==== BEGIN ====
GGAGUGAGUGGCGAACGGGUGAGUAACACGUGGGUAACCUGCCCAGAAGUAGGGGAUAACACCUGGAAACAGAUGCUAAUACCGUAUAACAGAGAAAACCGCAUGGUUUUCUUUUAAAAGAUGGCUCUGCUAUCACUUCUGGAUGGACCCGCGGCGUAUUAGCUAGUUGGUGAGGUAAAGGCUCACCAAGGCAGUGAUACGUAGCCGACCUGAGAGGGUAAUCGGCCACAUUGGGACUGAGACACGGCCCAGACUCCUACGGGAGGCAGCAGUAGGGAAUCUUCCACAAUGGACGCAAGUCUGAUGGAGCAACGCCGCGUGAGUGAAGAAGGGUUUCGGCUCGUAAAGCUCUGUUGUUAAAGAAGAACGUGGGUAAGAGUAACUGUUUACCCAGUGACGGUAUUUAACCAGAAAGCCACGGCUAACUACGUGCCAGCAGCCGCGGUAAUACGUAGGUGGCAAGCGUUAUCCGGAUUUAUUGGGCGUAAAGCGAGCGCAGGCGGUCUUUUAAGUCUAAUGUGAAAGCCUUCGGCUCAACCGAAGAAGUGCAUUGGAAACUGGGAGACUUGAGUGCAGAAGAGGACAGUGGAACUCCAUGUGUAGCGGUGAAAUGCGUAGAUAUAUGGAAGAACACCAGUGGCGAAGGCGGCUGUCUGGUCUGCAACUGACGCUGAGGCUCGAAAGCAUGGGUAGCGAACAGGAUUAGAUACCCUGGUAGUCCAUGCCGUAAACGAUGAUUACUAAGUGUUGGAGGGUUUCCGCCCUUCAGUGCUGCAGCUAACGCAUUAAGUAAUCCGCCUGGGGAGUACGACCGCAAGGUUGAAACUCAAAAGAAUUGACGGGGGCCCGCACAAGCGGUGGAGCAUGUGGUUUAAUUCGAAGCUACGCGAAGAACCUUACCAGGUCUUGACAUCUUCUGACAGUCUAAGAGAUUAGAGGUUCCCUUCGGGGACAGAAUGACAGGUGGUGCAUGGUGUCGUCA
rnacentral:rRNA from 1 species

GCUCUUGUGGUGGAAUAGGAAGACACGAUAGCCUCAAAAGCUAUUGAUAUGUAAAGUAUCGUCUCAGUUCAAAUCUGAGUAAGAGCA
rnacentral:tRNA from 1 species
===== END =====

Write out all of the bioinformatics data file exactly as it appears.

GGAGUGAGUGGCGAACGGGUGAGUAACACGUGGGUAACCUGCCCAGAAGUAGGGGAUAACACCUGGAAACAGAUGCUAAUACCGUAUAACAGAGAAAACCGCAUGGUUUUCUUUUAAAAGAUGGCUCUGCUAUCACUUCUGGAUGGACCCGCGGCGUAUUAGCUAGUUGGUGAGGUAAAGGCUCACCAAGGCAGUGAUACGUAGCCGACCUGAGAGGGUAAUCGGCCACAUUGGGACUGAGACACGGCCCAGACUCCUACGGGAGGCAGCAGUAGGGAAUCUUCCACAAUGGACGCAAGUCUGAUGGAGCAACGCCGCGUGAGUGAAGAAGGGUUUCGGCUCGUAAAGCUCUGUUGUUAAAGAAGAACGUGGGUAAGAGUAACUGUUUACCCAGUGACGGUAUUUAACCAGAAAGCCACGGCUAACUACGUGCCAGCAGCCGCGGUAAUACGUAGGUGGCAAGCGUUAUCCGGAUUUAUUGGGCGUAAAGCGAGCGCAGGCGGUCUUUUAAGUCUAAUGUGAAAGCCUUCGGCUCAACCGAAGAAGUGCAUUGGAAACUGGGAGACUUGAGUGCAGAAGAGGACAGUGGAACUCCAUGUGUAGCGGUGAAAUGCGUAGAUAUAUGGAAGAACACCAGUGGCGAAGGCGGCUGUCUGGUCUGCAACUGACGCUGAGGCUCGAAAGCAUGGGUAGCGAACAGGAUUAGAUACCCUGGUAGUCCAUGCCGUAAACGAUGAUUACUAAGUGUUGGAGGGUUUCCGCCCUUCAGUGCUGCAGCUAACGCAUUAAGUAAUCCGCCUGGGGAGUACGACCGCAAGGUUGAAACUCAAAAGAAUUGACGGGGGCCCGCACAAGCGGUGGAGCAUGUGGUUUAAUUCGAAGCUACGCGAAGAACCUUACCAGGUCUUGACAUCUUCUGACAGUCUAAGAGAUUAGAGGUUCCCUUCGGGGACAGAAUGACAGGUGGUGCAUGGUGUCGUCA
rnacentral:rRNA from 1 species

GCUCUUGUGGUGGAAUAGGAAGACACGAUAGCCUCAAAAGCUAUUGAUAUGUAAAGUAUCGUCUCAGUUCAAAUCUGAGUAAGAGCA
rnacentral:tRNA from 1 species